Ius Gentium: a stoical approach to global constitutionalism
Keywords:Hegel, Kelsen, Weimar Republic, Cosmopolitanism, Detachment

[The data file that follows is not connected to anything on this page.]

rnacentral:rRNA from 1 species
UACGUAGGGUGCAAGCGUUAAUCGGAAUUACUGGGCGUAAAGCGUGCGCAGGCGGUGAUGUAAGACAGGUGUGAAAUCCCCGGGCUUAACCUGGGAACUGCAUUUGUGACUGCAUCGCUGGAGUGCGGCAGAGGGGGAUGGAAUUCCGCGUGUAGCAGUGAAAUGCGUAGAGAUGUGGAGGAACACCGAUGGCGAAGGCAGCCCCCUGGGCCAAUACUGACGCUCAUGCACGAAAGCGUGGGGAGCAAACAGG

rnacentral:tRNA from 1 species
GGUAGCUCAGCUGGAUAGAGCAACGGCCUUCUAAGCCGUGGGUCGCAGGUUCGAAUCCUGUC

The hypothesis of this paper is that the political turmoil of the Weimar Republic and the rise of populist movements in our own time can be interpreted in terms of a tension between a politics based on “universal” moral values and the ethics of detachment without which this politics is impossible, on the one hand, and the desire for concrete and attached political self-expression, on the other. The first section of this paper will engage with the essential elements of Stoic philosophy. It will, however, only refer briefly to the ancient Stoics for this purpose. It will, instead, engage with the modern Stoicism that almost triumphed but ultimately perished in the philosophy of Hegel. The second section will engage with some aspects of the constitutional debates of the Weimar Republic. Lastly, the third section will briefly put forward the essential contention regarding law and international law – or global constitutionalism – that neo-Stoic detachment renders thinkable.
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